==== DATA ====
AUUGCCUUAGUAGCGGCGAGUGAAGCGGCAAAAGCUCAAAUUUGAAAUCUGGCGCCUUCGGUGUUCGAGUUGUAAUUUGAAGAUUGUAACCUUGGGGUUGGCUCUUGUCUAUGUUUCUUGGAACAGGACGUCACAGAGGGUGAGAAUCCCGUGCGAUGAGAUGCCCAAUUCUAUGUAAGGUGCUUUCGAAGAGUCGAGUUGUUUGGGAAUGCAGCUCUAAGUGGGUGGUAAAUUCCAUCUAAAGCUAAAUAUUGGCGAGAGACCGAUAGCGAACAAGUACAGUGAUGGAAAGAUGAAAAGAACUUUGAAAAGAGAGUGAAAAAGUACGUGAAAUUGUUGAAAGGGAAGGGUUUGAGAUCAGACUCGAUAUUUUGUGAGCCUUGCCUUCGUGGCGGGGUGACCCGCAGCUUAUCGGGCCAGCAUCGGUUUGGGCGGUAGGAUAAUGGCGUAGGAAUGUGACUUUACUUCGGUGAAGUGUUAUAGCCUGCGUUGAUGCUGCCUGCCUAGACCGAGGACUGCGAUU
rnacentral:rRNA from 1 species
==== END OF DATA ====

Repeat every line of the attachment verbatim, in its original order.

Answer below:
AUUGCCUUAGUAGCGGCGAGUGAAGCGGCAAAAGCUCAAAUUUGAAAUCUGGCGCCUUCGGUGUUCGAGUUGUAAUUUGAAGAUUGUAACCUUGGGGUUGGCUCUUGUCUAUGUUUCUUGGAACAGGACGUCACAGAGGGUGAGAAUCCCGUGCGAUGAGAUGCCCAAUUCUAUGUAAGGUGCUUUCGAAGAGUCGAGUUGUUUGGGAAUGCAGCUCUAAGUGGGUGGUAAAUUCCAUCUAAAGCUAAAUAUUGGCGAGAGACCGAUAGCGAACAAGUACAGUGAUGGAAAGAUGAAAAGAACUUUGAAAAGAGAGUGAAAAAGUACGUGAAAUUGUUGAAAGGGAAGGGUUUGAGAUCAGACUCGAUAUUUUGUGAGCCUUGCCUUCGUGGCGGGGUGACCCGCAGCUUAUCGGGCCAGCAUCGGUUUGGGCGGUAGGAUAAUGGCGUAGGAAUGUGACUUUACUUCGGUGAAGUGUUAUAGCCUGCGUUGAUGCUGCCUGCCUAGACCGAGGACUGCGAUU
rnacentral:rRNA from 1 species